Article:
Actress Whoopi Goldberg has a reputation for making her own career choices—and they usually pay off. But last week in Toronto, where she is currently filming director Norman Jewison’s comedy-fantasy Bogus with costar Gérard Depardieu, Goldberg asked for advice and got more than she bargained for. A known book lover, Goldberg has been seen browsing in many bookstores throughout the city. At one uptown location, she asked clerk Scott Fraser whether he could suggest a book for her

to read. Fraser, a big fan of Canadian writer Timothy Findley, recommended* the Cannington, Ont.-based author’s new novel, The Piano Man’s Daughter. The next day, Goldberg sent over a colleague to buy 13 additional copies, at $28 each, of the hard-cover book. A publishing industry insider, who asked not to be named, says that negotiations have now begun for Goldberg to option the

book with the hopes of turning it into another hit movie for the Los Angeles-based star. Goldberg, who earned an Academy Award for her part of the psychic in the 1990 movie Ghost, actually got her break in another screen adaptation of an acclaimed novel, The Color Purple by American author Alice Walker. Spokesmen for both Goldberg and Findley have declined comment on the state of negotiations. It’s a case of reading between the lines.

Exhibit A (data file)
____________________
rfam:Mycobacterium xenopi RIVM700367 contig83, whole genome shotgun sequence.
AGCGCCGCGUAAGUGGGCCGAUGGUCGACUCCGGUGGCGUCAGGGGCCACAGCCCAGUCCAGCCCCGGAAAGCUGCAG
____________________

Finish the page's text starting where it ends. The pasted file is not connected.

When Canadian tycoon Jim Pattison bought singer Frank Sinatra’s 6,100-square-foot bungalow in Palm Springs, Calif., last week, it went for more than a song. Pattison paid almost the listing price of $6.6 million.

And in parting with the lavish, 2.5-acre hideaway on Frank Sinatra Drive, 01’ Blue Eyes did it his way: he had Pattison sign a confidentiality disclosure statement. “I can’t really discuss it, other than to confirm it happened,” says Pattison, 66. Still, the shrewd Vancouver businessman who turned an automobile dealership into a multi-company empire, did get one thing he really wanted: the singer’s rustic, Old West-style modeltrain collection, in a separate deal for an

The estate includes guest houses named for Sinatra songs. New York, New York has four bedroom suites, each with two bathrooms, living-room and pool. The other, comprised of two joined, round houses—High Hopes and Tender Trap—was

undisclosed sum. The house deal also includes most of the furnishings, except for works of art.